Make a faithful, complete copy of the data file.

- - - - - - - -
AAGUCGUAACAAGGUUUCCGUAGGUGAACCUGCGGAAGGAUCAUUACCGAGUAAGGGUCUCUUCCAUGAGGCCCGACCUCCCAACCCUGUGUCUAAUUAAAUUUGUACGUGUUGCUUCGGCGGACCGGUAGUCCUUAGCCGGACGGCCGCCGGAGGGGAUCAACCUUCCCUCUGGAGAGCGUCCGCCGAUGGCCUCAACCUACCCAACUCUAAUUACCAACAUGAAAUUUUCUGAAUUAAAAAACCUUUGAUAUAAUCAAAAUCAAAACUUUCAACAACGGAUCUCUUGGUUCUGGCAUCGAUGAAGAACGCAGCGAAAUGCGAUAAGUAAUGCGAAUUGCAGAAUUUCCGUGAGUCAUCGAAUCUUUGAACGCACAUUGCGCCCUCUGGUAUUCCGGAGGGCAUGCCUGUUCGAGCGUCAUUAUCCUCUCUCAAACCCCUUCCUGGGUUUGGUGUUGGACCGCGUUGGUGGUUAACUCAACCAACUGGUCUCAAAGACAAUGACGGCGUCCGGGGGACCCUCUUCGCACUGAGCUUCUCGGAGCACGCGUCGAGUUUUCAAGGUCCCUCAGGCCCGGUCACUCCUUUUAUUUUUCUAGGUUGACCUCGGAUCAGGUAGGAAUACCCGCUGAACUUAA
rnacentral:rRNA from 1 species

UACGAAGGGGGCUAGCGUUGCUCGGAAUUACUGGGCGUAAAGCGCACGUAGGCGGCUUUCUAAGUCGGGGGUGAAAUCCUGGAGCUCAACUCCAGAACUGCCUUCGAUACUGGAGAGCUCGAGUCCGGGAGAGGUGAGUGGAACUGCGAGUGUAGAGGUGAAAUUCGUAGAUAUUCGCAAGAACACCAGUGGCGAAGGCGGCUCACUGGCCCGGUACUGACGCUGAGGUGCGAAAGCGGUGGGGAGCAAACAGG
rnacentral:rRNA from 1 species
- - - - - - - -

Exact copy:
AAGUCGUAACAAGGUUUCCGUAGGUGAACCUGCGGAAGGAUCAUUACCGAGUAAGGGUCUCUUCCAUGAGGCCCGACCUCCCAACCCUGUGUCUAAUUAAAUUUGUACGUGUUGCUUCGGCGGACCGGUAGUCCUUAGCCGGACGGCCGCCGGAGGGGAUCAACCUUCCCUCUGGAGAGCGUCCGCCGAUGGCCUCAACCUACCCAACUCUAAUUACCAACAUGAAAUUUUCUGAAUUAAAAAACCUUUGAUAUAAUCAAAAUCAAAACUUUCAACAACGGAUCUCUUGGUUCUGGCAUCGAUGAAGAACGCAGCGAAAUGCGAUAAGUAAUGCGAAUUGCAGAAUUUCCGUGAGUCAUCGAAUCUUUGAACGCACAUUGCGCCCUCUGGUAUUCCGGAGGGCAUGCCUGUUCGAGCGUCAUUAUCCUCUCUCAAACCCCUUCCUGGGUUUGGUGUUGGACCGCGUUGGUGGUUAACUCAACCAACUGGUCUCAAAGACAAUGACGGCGUCCGGGGGACCCUCUUCGCACUGAGCUUCUCGGAGCACGCGUCGAGUUUUCAAGGUCCCUCAGGCCCGGUCACUCCUUUUAUUUUUCUAGGUUGACCUCGGAUCAGGUAGGAAUACCCGCUGAACUUAA
rnacentral:rRNA from 1 species

UACGAAGGGGGCUAGCGUUGCUCGGAAUUACUGGGCGUAAAGCGCACGUAGGCGGCUUUCUAAGUCGGGGGUGAAAUCCUGGAGCUCAACUCCAGAACUGCCUUCGAUACUGGAGAGCUCGAGUCCGGGAGAGGUGAGUGGAACUGCGAGUGUAGAGGUGAAAUUCGUAGAUAUUCGCAAGAACACCAGUGGCGAAGGCGGCUCACUGGCCCGGUACUGACGCUGAGGUGCGAAAGCGGUGGGGAGCAAACAGG
rnacentral:rRNA from 1 species